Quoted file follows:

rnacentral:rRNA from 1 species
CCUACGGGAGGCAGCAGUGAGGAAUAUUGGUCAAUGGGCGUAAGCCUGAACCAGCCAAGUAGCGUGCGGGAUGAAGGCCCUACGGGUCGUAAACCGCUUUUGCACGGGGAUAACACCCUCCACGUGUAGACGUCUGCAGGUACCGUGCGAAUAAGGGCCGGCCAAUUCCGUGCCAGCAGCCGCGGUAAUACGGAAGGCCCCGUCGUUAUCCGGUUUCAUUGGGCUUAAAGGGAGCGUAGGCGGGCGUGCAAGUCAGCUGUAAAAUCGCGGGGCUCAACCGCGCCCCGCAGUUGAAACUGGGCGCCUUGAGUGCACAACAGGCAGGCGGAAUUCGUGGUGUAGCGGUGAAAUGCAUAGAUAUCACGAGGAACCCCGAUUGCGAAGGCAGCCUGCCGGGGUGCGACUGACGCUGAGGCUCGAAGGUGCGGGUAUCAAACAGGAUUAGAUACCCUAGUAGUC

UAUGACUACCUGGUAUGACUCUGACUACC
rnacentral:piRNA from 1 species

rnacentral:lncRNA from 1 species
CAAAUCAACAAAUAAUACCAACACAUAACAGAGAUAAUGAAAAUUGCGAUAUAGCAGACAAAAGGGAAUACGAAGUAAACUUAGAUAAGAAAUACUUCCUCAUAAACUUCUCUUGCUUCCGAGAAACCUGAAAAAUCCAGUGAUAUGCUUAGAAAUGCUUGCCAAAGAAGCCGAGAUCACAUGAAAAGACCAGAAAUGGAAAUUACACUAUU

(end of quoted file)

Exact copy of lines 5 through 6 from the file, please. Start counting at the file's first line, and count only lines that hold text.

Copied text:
rnacentral:lncRNA from 1 species
CAAAUCAACAAAUAAUACCAACACAUAACAGAGAUAAUGAAAAUUGCGAUAUAGCAGACAAAAGGGAAUACGAAGUAAACUUAGAUAAGAAAUACUUCCUCAUAAACUUCUCUUGCUUCCGAGAAACCUGAAAAAUCCAGUGAUAUGCUUAGAAAUGCUUGCCAAAGAAGCCGAGAUCACAUGAAAAGACCAGAAAUGGAAAUUACACUAUU